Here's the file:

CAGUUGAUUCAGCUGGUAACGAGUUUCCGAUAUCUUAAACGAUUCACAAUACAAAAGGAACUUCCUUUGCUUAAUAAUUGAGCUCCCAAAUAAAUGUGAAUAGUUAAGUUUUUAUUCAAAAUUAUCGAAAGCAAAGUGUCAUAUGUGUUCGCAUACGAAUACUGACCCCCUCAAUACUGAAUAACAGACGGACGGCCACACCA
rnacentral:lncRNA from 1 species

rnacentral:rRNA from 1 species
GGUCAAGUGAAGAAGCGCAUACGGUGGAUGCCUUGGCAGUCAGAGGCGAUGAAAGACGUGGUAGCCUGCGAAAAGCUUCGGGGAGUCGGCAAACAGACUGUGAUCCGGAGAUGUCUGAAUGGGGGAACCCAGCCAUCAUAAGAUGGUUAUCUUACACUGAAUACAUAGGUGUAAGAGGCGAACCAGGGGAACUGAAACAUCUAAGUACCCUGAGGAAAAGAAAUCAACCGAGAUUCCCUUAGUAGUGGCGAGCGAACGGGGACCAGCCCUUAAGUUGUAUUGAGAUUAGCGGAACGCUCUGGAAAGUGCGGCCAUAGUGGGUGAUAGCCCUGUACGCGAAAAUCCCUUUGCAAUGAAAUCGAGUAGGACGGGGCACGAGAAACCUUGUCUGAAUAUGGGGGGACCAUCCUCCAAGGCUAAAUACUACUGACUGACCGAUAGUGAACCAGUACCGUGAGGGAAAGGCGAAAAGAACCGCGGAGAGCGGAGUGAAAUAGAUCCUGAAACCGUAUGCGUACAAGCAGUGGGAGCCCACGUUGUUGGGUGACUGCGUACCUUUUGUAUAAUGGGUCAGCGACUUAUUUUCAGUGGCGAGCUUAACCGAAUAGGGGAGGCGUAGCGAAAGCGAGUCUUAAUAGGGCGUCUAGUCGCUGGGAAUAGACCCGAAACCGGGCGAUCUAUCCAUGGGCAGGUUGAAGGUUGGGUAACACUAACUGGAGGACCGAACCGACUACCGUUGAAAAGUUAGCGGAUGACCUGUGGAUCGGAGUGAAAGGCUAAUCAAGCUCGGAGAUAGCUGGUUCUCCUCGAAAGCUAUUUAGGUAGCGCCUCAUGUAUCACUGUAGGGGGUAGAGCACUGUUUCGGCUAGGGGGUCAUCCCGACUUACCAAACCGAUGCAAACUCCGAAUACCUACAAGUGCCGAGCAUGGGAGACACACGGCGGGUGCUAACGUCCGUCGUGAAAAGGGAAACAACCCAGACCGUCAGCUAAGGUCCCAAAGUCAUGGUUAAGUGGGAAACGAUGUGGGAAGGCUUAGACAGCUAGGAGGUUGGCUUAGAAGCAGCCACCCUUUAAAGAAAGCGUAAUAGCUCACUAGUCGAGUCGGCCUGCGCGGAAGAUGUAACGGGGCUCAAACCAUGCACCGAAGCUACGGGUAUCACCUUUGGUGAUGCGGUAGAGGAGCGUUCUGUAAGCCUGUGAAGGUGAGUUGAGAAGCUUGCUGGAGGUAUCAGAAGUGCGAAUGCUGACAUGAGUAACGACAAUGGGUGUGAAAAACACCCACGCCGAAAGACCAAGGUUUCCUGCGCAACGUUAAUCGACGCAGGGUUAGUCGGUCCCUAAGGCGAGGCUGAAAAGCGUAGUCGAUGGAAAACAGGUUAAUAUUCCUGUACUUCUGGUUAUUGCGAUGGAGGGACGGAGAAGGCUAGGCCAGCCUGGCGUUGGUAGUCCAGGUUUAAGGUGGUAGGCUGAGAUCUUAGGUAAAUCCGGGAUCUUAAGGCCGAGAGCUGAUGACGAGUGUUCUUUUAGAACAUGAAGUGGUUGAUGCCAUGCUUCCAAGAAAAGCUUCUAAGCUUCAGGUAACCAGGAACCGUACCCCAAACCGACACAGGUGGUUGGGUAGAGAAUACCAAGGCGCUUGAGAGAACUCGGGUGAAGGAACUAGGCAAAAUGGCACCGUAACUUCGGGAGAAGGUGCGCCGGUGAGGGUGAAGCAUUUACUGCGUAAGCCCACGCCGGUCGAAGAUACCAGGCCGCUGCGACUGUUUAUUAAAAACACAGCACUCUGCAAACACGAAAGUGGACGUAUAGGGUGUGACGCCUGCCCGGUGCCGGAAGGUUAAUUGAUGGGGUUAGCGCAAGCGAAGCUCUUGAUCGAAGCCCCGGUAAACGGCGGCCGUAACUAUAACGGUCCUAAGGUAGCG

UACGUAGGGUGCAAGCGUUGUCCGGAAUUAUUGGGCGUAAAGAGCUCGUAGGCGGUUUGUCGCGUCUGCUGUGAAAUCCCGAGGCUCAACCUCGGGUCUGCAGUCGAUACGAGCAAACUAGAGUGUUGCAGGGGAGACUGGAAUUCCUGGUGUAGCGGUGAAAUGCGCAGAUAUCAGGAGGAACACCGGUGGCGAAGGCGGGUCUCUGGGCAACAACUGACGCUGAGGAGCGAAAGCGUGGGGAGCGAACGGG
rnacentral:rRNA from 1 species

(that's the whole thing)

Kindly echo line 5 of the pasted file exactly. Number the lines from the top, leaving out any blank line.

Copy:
UACGUAGGGUGCAAGCGUUGUCCGGAAUUAUUGGGCGUAAAGAGCUCGUAGGCGGUUUGUCGCGUCUGCUGUGAAAUCCCGAGGCUCAACCUCGGGUCUGCAGUCGAUACGAGCAAACUAGAGUGUUGCAGGGGAGACUGGAAUUCCUGGUGUAGCGGUGAAAUGCGCAGAUAUCAGGAGGAACACCGGUGGCGAAGGCGGGUCUCUGGGCAACAACUGACGCUGAGGAGCGAAAGCGUGGGGAGCGAACGGG